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Admitting a Purchase Mistake Makes Online Reviews More Persuasive

Yale SOM’s Taly Reich has conducted a series of studies exploring the surprising value of mistakes. In her latest paper, she and her co-author show that shoppers are more likely to purchase a product after reading a review that describes making a prior purchase mistake.

A customer returns a package at an Amazon Locker location in a Whole Foods Market grocery store in Lake Oswego, Oregon. Photo: Tada Images/Alamy Stock Photo.

A customer returns a package at an Amazon Locker location in a Whole Foods Market grocery store in Lake Oswego, Oregon. Photo: Tada Images/Alamy Stock Photo.

By Dylan Walsh

What good is a mistake?

Not much, says conventional wisdom. Avoid mistakes. And if you make one, at least don’t go around advertising it.

Straightforward logic underpins this assumption, and it’s logic that Taly Reich, associate professor of marketing at Yale SOM, has been questioning since graduate school, when one of her professors lamented in front of class that he hadn’t been more programmatic in his research. Colleagues who had been programmatic, the professor explained, had also been more successful. Here her professor was, publicly admitting where he’d gone wrong and encouraging students to take a different road.

The lesson stuck, but so did something else. “It made me wonder: might people who have a history of making mistakes actually be more persuasive?” says Reich. Did the mention of error subtly imbue her professor’s plea with greater strength? “Can there be an upside to making mistakes?”

A new paper in the Journal of Marketing suggests there can be. With Sam Maglio of the University of Toronto, Reich looked at consumer reviews of different products and found that shoppers were more likely to purchase a product after reading reviews that admitted to making a prior purchase mistake.

Read the study: “Featuring Mistakes: The Persuasive Impact of Purchase Mistakes in Online Reviews”

In one experiment, Reich and Maglio offered study participants a choice between two brands of headphones. The participants read one of two reviews that were identical in their recommendation except that one reviewer admitted to having made a mistake the last time he purchased headphones. This review, it turns out, proved more effective: 93% of participants opted to buy the headphones that this reviewer recommended, while 79% of participants followed the advice of the reviewer who had not made a prior mistake.

Reich and Maglio also confirmed these results under more realistic conditions. In one case, two groups of participants read 10 real Amazon reviews of Altoid mints; one group saw a review that mentioned having made a previous mistake, while the other group did not. At the end of the study, participants were told they could choose either an additional dollar of compensation or a pack of Altoids. In the condition where one of the reviews mentioned a mistake, 35% of participants opted for the mints. In the “no-mistake” condition, only 22% did. In another real-life case study, Sephora customers considering hair care products thought reviews were more helpful when they described a prior purchase mistake.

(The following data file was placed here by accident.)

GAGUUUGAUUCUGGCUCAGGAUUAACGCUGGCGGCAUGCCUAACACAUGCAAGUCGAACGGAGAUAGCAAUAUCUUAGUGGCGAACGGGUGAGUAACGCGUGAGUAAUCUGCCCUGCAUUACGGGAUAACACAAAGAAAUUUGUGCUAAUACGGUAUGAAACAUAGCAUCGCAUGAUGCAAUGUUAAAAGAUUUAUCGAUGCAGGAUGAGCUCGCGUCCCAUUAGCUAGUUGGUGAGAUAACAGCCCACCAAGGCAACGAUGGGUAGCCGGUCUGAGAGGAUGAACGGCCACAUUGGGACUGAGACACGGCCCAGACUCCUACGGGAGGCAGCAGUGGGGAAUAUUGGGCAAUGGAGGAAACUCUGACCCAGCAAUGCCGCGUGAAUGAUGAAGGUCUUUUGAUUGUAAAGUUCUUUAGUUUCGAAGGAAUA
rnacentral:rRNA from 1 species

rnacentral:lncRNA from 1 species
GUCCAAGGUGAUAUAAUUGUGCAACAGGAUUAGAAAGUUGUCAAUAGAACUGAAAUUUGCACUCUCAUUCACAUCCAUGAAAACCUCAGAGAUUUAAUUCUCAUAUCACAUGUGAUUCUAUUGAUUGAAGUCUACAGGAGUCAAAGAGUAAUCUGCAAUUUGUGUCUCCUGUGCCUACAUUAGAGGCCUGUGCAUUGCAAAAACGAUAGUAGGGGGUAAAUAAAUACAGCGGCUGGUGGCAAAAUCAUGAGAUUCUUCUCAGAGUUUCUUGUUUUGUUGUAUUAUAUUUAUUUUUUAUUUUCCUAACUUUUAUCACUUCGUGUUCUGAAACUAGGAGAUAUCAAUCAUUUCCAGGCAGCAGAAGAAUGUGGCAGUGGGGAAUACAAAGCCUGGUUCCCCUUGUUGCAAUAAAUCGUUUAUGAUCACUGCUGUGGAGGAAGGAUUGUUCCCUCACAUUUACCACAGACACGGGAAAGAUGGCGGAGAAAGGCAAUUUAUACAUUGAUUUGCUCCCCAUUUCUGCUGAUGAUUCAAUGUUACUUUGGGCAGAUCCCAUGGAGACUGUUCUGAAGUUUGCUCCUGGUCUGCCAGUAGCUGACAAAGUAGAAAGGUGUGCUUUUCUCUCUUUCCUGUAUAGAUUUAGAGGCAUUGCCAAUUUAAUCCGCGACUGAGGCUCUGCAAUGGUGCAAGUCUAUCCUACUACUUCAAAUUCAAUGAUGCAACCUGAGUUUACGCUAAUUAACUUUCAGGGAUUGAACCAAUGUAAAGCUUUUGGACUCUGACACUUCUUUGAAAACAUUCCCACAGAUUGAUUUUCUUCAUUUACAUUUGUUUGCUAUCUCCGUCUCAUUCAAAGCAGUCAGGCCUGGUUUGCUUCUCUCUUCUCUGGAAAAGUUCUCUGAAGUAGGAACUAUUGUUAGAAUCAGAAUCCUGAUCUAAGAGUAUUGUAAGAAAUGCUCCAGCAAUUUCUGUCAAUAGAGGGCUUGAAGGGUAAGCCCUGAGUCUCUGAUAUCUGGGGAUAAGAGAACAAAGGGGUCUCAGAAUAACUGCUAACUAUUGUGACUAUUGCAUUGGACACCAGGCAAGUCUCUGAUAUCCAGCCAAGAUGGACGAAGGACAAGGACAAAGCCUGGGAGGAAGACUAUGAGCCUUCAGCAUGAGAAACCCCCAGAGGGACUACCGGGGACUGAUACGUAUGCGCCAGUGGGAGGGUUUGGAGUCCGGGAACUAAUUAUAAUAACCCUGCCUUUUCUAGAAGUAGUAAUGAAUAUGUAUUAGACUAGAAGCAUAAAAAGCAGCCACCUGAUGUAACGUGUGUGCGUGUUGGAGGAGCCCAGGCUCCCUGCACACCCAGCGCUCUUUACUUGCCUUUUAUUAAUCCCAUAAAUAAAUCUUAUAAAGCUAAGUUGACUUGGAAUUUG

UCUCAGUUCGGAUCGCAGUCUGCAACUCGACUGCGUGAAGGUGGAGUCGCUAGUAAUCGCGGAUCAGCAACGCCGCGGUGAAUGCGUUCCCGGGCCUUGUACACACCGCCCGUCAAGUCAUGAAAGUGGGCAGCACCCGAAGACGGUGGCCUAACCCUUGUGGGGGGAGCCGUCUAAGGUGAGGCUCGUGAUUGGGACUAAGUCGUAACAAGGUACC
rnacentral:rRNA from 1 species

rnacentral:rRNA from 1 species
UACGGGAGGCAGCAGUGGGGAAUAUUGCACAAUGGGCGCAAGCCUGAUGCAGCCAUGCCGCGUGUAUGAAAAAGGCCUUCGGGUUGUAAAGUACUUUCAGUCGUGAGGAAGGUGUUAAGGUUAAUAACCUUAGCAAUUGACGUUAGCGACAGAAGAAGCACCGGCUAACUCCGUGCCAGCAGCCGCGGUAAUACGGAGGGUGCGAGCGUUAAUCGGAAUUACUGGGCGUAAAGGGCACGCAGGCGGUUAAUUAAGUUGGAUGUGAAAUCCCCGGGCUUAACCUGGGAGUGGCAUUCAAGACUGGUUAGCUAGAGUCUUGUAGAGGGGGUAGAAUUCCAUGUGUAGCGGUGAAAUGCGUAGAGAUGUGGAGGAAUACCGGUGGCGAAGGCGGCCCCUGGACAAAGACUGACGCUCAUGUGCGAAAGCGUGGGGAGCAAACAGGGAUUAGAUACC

Driving these results, says Reich, is “perceived knowledge, perceived expertise.” Admitting to having made a mistake inherently conveys that the mistaken reviewer has gained new expertise as a result of the mistake; these reviewers are considered more expert than their peers who never made a mistake.

Importantly, this result holds only when the product under review and the product that proved a mistaken purchase are of a similar type: if somebody in their review of speakers describes how they previously bought the wrong printer—a case that Reich and Maglio tested—this admission holds no persuasive power. The product domains are too far apart. Also, if a reviewer describes making an egregious or very basic mistake, this may signal incompetence rather than expertise.

The results of this study fit neatly into a broader stream of Reich’s work that examines “when we value unintentional action,” as she puts it. While this study demonstrates how consumers interpret mistakes by their peers, another article demonstrates the way they view mistakes by companies: copping to a mistake can make companies appear more likely to achieve their goals. A third article in the triad looks at mistakes through the lens of products. Reich finds that consumers often prefer products made by mistake, even if that mistake is plainly visible; they consider mistaken creations more improbable and unique. “In all these cases, I’m mapping the conditions under which we might find value in the mistake.”

For companies that sell their products online, the latest research could provide a valuable insight, since reviews are a more powerful motivator of purchases than even product discounts. Promoting reviews that mention a previous purchase mistake is a simple marketing trick. “It’s free, too,” Reich says, which makes it especially beneficial for companies that don’t have vast resources at their disposal.

Simple, free—but contrary to conventional wisdom. In a survey conducted by Reich and Maglio, 155 marketing professionals with an average of 13 years experience considered reviews without a mistake to be more effective than reviews that admitted to a mistake.

“Marketers who are trying to persuade consumers are omitting from their work one of the things that helps them,” Reich says. “We have the empirical case for it, and yet people on the ground don’t know it and don’t use it. They need to be informed.”

Department: Research